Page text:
Differential Methylation of Telomere-Related Genes Is Associated with Kidney Disease in Individuals with Type 1 Diabetes
Publikation: Bidrag til tidsskrift › Tidsskriftartikel › Forskning › fagfællebedømt
Forlagets udgivne version, 3,51 MB, PDF-dokument
Diabetic kidney disease (DKD) represents a major global health problem. Accelerated ageing is a key feature of DKD and, therefore, characteristics of accelerated ageing may provide useful biomarkers or therapeutic targets. Harnessing multi-omics, features affecting telomere biology and any associated methylome dysregulation in DKD were explored. Genotype data for nuclear genome polymorphisms in telomere-related genes were extracted from genome-wide case–control association data (n = 823 DKD/903 controls; n = 247 end-stage kidney disease (ESKD)/1479 controls). Telomere length was established using quantitative polymerase chain reaction. Quantitative methylation values for 1091 CpG sites in telomere-related genes were extracted from epigenome-wide case–control association data (n = 150 DKD/100 controls). Telomere length was significantly shorter in older age groups (p = 7.6 × 10−6). Telomere length was also significantly reduced (p = 6.6 × 10−5) in DKD versus control individuals, with significance remaining after covariate adjustment (p = 0.028). DKD and ESKD were nominally associated with telomere-related genetic variation, with Mendelian randomisation highlighting no significant association between genetically predicted telomere length and kidney disease. A total of 496 CpG sites in 212 genes reached epigenome-wide significance (p ≤ 10−8) for DKD association, and 412 CpG sites in 193 genes for ESKD. Functional prediction revealed differentially methylated genes were enriched for Wnt signalling involvement. Harnessing previously published RNA-sequencing datasets, potential targets where epigenetic dysregulation may result in altered gene expression were revealed, useful as potential diagnostic and therapeutic targets for intervention.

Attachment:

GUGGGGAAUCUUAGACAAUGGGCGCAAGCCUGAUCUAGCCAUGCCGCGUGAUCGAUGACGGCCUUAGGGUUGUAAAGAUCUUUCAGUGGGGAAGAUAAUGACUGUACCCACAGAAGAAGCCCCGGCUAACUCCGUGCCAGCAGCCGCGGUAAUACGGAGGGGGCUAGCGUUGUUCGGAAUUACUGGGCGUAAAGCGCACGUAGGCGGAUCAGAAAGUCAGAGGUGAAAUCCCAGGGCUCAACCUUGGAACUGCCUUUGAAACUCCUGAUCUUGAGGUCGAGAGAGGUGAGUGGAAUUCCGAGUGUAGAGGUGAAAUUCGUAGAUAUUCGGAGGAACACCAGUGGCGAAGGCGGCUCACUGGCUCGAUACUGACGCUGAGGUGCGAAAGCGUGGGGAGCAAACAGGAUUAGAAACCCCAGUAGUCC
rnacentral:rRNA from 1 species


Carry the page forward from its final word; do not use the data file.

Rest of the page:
|Status||Udgivet - 2023|
S.D. was supported by a QUB International PhD fellowship. This work was supported by the Northern Ireland Health and Social Care Research and Development Office (STL/5569/19), and the Medical Research Council (MC_PC_20026). C.H. is supported by a Science Foundation Ireland and the Department for the Economy Northern Ireland partnership award 15/IA/3152. FinnDiane was funded by the Folkhälsan Research Foundation, the Wilhelm and Else Stockmann Foundation, the Academy of Finland (316664), the Novo Nordisk Foundation (NNF OC0013659), the Sigrid Juselius Foundation, the “Liv och Hälsa” Society, EVO governmental grants (TYH2020305), and the Finnish Diabetes Research Foundation. A.T. and L.M.K. were supported by Blood Cancer UK (formerly Bloodwise).
The Genetics of Nephropathy, an International Effort (GENIE) study was conducted by the GENIE Investigators and supported by the National Institute of Diabetes and Digestive and Kidney Diseases (NIDDK). The data from the GENIE study reported here were supplied by the GENIE investigators from the Broad Institute of MIT and Harvard, Queens University Belfast and the University of Dublin.
© 2023 by the authors.